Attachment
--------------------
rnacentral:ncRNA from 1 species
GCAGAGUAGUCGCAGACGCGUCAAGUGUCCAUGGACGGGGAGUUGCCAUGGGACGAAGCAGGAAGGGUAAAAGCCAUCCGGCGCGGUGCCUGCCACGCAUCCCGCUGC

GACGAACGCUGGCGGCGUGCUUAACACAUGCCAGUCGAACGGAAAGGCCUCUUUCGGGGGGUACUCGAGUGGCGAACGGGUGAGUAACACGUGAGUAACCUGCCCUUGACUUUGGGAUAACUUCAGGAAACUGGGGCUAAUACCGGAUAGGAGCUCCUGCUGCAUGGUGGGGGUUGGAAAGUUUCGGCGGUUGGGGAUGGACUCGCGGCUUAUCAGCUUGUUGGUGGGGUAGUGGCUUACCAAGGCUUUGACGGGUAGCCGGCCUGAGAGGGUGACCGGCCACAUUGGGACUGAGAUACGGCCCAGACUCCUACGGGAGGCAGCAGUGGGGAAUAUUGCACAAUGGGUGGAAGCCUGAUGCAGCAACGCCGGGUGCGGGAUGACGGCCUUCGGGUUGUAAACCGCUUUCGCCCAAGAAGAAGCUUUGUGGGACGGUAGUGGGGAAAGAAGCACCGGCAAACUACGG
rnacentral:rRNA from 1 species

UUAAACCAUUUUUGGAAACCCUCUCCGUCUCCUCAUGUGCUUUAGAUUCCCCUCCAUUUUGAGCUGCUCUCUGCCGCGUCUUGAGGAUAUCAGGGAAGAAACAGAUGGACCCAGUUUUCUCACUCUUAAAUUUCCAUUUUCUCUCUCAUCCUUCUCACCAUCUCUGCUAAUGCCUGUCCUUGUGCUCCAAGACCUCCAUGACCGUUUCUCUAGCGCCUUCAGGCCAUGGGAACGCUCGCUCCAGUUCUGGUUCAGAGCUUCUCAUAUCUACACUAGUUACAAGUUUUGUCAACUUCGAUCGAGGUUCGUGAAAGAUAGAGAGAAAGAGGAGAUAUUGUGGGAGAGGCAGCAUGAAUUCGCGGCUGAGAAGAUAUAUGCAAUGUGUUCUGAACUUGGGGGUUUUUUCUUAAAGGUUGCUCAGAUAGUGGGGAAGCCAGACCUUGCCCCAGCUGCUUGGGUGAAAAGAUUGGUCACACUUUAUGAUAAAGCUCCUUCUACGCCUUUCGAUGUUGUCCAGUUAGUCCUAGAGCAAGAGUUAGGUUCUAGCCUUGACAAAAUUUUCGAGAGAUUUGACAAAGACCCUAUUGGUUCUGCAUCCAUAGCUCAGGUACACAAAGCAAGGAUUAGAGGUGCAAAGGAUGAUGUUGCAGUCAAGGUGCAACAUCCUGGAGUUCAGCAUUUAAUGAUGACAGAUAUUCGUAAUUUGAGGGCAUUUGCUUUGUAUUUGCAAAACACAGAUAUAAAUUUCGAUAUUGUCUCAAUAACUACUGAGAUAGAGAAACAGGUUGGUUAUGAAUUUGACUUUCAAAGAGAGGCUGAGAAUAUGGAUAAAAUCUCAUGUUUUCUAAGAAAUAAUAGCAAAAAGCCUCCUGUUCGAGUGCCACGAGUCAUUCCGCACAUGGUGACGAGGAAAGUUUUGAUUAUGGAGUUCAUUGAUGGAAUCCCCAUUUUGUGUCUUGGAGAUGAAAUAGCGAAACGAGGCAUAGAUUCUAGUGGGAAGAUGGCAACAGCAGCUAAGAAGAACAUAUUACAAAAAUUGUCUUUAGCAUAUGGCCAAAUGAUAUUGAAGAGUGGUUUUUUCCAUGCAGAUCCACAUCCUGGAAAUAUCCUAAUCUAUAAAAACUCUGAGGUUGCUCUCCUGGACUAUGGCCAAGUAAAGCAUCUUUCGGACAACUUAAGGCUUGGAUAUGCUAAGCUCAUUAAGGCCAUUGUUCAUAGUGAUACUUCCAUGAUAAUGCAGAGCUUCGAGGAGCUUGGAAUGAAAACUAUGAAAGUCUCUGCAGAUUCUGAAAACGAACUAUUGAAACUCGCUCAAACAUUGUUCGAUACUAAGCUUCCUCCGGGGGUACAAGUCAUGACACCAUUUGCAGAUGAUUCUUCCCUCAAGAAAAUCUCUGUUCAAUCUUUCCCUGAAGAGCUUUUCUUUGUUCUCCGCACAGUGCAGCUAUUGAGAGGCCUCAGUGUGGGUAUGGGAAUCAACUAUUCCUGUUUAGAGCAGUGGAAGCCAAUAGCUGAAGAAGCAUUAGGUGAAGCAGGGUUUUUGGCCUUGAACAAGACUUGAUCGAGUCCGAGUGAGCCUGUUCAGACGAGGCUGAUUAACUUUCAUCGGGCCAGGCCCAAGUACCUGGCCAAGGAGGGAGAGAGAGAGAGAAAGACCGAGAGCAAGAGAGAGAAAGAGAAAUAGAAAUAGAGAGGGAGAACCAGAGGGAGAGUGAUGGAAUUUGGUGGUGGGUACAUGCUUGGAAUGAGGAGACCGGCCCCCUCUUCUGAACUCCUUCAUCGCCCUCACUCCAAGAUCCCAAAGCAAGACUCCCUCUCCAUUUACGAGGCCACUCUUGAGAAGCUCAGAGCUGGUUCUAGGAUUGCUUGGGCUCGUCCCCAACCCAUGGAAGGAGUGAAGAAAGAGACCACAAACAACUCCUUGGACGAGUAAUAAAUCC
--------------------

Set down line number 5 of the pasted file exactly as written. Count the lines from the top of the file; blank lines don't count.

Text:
UUAAACCAUUUUUGGAAACCCUCUCCGUCUCCUCAUGUGCUUUAGAUUCCCCUCCAUUUUGAGCUGCUCUCUGCCGCGUCUUGAGGAUAUCAGGGAAGAAACAGAUGGACCCAGUUUUCUCACUCUUAAAUUUCCAUUUUCUCUCUCAUCCUUCUCACCAUCUCUGCUAAUGCCUGUCCUUGUGCUCCAAGACCUCCAUGACCGUUUCUCUAGCGCCUUCAGGCCAUGGGAACGCUCGCUCCAGUUCUGGUUCAGAGCUUCUCAUAUCUACACUAGUUACAAGUUUUGUCAACUUCGAUCGAGGUUCGUGAAAGAUAGAGAGAAAGAGGAGAUAUUGUGGGAGAGGCAGCAUGAAUUCGCGGCUGAGAAGAUAUAUGCAAUGUGUUCUGAACUUGGGGGUUUUUUCUUAAAGGUUGCUCAGAUAGUGGGGAAGCCAGACCUUGCCCCAGCUGCUUGGGUGAAAAGAUUGGUCACACUUUAUGAUAAAGCUCCUUCUACGCCUUUCGAUGUUGUCCAGUUAGUCCUAGAGCAAGAGUUAGGUUCUAGCCUUGACAAAAUUUUCGAGAGAUUUGACAAAGACCCUAUUGGUUCUGCAUCCAUAGCUCAGGUACACAAAGCAAGGAUUAGAGGUGCAAAGGAUGAUGUUGCAGUCAAGGUGCAACAUCCUGGAGUUCAGCAUUUAAUGAUGACAGAUAUUCGUAAUUUGAGGGCAUUUGCUUUGUAUUUGCAAAACACAGAUAUAAAUUUCGAUAUUGUCUCAAUAACUACUGAGAUAGAGAAACAGGUUGGUUAUGAAUUUGACUUUCAAAGAGAGGCUGAGAAUAUGGAUAAAAUCUCAUGUUUUCUAAGAAAUAAUAGCAAAAAGCCUCCUGUUCGAGUGCCACGAGUCAUUCCGCACAUGGUGACGAGGAAAGUUUUGAUUAUGGAGUUCAUUGAUGGAAUCCCCAUUUUGUGUCUUGGAGAUGAAAUAGCGAAACGAGGCAUAGAUUCUAGUGGGAAGAUGGCAACAGCAGCUAAGAAGAACAUAUUACAAAAAUUGUCUUUAGCAUAUGGCCAAAUGAUAUUGAAGAGUGGUUUUUUCCAUGCAGAUCCACAUCCUGGAAAUAUCCUAAUCUAUAAAAACUCUGAGGUUGCUCUCCUGGACUAUGGCCAAGUAAAGCAUCUUUCGGACAACUUAAGGCUUGGAUAUGCUAAGCUCAUUAAGGCCAUUGUUCAUAGUGAUACUUCCAUGAUAAUGCAGAGCUUCGAGGAGCUUGGAAUGAAAACUAUGAAAGUCUCUGCAGAUUCUGAAAACGAACUAUUGAAACUCGCUCAAACAUUGUUCGAUACUAAGCUUCCUCCGGGGGUACAAGUCAUGACACCAUUUGCAGAUGAUUCUUCCCUCAAGAAAAUCUCUGUUCAAUCUUUCCCUGAAGAGCUUUUCUUUGUUCUCCGCACAGUGCAGCUAUUGAGAGGCCUCAGUGUGGGUAUGGGAAUCAACUAUUCCUGUUUAGAGCAGUGGAAGCCAAUAGCUGAAGAAGCAUUAGGUGAAGCAGGGUUUUUGGCCUUGAACAAGACUUGAUCGAGUCCGAGUGAGCCUGUUCAGACGAGGCUGAUUAACUUUCAUCGGGCCAGGCCCAAGUACCUGGCCAAGGAGGGAGAGAGAGAGAGAAAGACCGAGAGCAAGAGAGAGAAAGAGAAAUAGAAAUAGAGAGGGAGAACCAGAGGGAGAGUGAUGGAAUUUGGUGGUGGGUACAUGCUUGGAAUGAGGAGACCGGCCCCCUCUUCUGAACUCCUUCAUCGCCCUCACUCCAAGAUCCCAAAGCAAGACUCCCUCUCCAUUUACGAGGCCACUCUUGAGAAGCUCAGAGCUGGUUCUAGGAUUGCUUGGGCUCGUCCCCAACCCAUGGAAGGAGUGAAGAAAGAGACCACAAACAACUCCUUGGACGAGUAAUAAAUCC